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Destination Slogans, Field of Dreams, and Darth Vader
I had been posting old travel ads to Twitter lately and an ad for Jamaica tourism revived an earworm I had not thought about in a long time, “Come Back to Jamaica.”
Not the song by Yellowman, but instead the song that was used in a late seventies commercial for Jamaica.
Catchy, right? I always thought so, but I never made the connection between another catchy song, the holiday anti-war classic, Happy Xmas (War Is Over) by John Lennon, Yoko Ono, and The Plastic Ono Band. The commercial seems to owe a lot to the melody from that 1971 song.
“Come Back to Jamaica” was a Destination Slogan, and most countries that want tourist dollars, have them.
What at Destination Slogans?
I found this listing of Destination Slogans online and they are fascinating. These sentences are a glimpse of how a nation wants to be perceived by the rest of the world.
Some are very straightforward, like Samoa, which uses “Beautiful Samoa.” Others are a bit more evocative. My favorite is “Colombia is Magical Realism.” Which is a phrase meant to evoke the Colombian icon of Magical Realism, Gabriel García Márquez.
Magical Realism is a complex style, but it is supposed to show a “realistic view of the modern world while also adding magical elements.” It’s heady as a concept and a slogan, but also a pretty great idea when trying to get people to think about travel.
Magical Realism is often used in entertainment. A film that comes to mind when I hear the term is the 1989 baseball classic, Field of Dream.
Fields of Dreams
Field of Dreams is based on W.P. Kinsella’s novel Shoeless Joe. It is about a man’s unresolved issues with his father and a love of baseball. The magic in this otherwise grounded story happens when the main character Ray builds a baseball field in the middle of his cornfield. After doing so this field becomes a source of world-altering magic and personal resolution.
The farm and its baseball diamond have since become a tourist attraction. People have been visiting the site for decades, but something big is happening there this summer.
It appears the magic of Hollywood has had a lasting effect on this little slice of Iowa, because, on August 21 of this year, two major league baseball teams, the New York Yankees and the Chicago White Sox will take the field and play a game there.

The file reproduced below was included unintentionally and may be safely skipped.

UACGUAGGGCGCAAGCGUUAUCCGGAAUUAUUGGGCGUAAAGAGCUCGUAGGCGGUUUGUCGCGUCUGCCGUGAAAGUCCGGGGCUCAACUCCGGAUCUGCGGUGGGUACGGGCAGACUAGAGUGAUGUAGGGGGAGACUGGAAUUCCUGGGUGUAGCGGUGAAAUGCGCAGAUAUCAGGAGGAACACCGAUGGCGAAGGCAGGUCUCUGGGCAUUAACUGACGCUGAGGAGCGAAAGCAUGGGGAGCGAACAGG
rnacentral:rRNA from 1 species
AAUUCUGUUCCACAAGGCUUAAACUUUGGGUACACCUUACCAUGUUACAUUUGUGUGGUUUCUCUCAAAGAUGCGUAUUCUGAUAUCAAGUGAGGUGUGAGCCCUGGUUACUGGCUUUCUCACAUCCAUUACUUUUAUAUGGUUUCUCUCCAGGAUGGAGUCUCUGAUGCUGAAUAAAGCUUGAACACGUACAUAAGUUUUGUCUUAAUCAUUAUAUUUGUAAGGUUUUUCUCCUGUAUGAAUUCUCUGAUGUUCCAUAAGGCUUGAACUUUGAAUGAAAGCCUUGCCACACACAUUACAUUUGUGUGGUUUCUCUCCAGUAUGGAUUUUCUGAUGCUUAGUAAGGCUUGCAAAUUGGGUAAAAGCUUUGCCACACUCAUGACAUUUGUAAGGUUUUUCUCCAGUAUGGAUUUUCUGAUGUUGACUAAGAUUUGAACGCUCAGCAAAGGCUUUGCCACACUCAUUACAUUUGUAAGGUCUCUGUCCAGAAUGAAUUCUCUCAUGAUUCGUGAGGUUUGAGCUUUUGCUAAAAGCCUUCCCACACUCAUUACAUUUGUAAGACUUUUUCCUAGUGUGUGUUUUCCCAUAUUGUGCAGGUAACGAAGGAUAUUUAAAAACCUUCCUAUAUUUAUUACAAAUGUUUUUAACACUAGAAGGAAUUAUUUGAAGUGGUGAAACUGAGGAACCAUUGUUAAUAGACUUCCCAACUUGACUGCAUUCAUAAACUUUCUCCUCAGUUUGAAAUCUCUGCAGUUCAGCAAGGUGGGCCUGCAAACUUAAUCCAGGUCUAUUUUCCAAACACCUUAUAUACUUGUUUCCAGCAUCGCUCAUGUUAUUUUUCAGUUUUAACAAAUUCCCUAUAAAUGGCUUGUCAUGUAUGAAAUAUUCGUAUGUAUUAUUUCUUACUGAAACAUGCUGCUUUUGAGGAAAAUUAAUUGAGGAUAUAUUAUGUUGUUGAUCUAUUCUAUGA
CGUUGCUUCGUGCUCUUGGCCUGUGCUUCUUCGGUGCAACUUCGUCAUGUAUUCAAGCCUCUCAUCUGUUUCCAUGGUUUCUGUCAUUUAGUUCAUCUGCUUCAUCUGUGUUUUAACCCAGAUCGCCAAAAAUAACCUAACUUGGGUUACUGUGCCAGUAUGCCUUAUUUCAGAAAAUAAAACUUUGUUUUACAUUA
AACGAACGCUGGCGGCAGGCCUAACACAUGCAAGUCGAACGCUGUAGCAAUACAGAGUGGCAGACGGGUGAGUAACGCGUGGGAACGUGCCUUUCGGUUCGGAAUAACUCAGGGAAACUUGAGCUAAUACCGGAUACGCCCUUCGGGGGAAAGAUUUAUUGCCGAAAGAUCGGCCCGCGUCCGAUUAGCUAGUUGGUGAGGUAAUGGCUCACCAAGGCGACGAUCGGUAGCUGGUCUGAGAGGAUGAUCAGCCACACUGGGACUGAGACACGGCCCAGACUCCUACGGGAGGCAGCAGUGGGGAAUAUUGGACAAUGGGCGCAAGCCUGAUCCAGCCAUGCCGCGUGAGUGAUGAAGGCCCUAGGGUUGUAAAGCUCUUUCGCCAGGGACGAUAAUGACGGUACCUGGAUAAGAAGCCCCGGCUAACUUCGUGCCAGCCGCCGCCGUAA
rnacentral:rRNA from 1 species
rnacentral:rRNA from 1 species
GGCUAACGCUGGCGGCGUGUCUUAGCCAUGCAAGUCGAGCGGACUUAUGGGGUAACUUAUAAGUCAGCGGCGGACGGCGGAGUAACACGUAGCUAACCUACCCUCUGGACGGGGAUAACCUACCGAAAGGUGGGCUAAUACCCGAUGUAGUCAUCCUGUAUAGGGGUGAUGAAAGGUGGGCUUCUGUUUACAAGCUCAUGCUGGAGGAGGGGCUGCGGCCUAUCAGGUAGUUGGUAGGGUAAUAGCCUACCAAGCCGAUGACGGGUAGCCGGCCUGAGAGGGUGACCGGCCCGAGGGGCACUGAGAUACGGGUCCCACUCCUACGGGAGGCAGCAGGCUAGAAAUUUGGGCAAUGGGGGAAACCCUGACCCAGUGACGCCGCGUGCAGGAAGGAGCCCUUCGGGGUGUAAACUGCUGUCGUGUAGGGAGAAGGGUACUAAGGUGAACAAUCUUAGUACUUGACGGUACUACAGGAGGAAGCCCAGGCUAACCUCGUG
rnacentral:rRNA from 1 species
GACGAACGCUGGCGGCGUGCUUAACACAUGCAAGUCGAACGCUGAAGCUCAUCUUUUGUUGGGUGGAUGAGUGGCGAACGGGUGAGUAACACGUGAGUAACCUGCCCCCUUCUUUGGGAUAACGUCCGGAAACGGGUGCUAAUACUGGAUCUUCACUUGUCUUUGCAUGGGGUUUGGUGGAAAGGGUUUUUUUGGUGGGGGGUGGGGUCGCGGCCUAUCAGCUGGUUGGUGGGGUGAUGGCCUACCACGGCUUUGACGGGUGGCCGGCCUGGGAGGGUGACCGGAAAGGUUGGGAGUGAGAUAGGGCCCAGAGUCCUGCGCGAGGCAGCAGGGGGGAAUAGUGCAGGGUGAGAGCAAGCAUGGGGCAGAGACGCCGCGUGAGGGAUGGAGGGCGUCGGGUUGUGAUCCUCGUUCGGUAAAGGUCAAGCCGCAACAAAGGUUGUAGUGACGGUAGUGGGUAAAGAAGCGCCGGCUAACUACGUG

If you look at the site, you will see a quote from the movie that appears to be the Destination Slogan for the film’s location, “Is this heaven? No, it’s Iowa!”
That is a great slogan and a solid quote from the film, but it is not the most well-known. That honor goes to the line, “If you build it, he will come.” Which is often famously misquoted as “If you build it, they will come.”
Paraphrasing of quotes or misquoting is a common occurrence. Misquotes happen for a variety of reasons and are popular fodder for blog posts. What surprised me is how small this list of popular ones is on Wikipedia.
With only 17 entries, it is just a drop in the well. Still, it has one of the ones I liked pointing out to people during my childhood.
Whenever anyone would quote Darth Vader as saying, “Luke, I am your father,” I would rush to correct them with the proper, “No, I am your father.”
It was amazing that I had any friends.
This Vader talk reminds me of one of the earliest Star Wars spoilers.
Darth Vader is Luke’s Father
In 1978, David Prowse dropped a bombshell in an interview. Revealing an Empire Strikes Back spoiler two years before the movie was released. Yet, no one seemed to notice.
Its rediscovery caused quite a hubbub among Star Wars fans and the media at the time.
What’s most amazing is that this spoiler had been sitting in print for decades and no one seemed to remember it.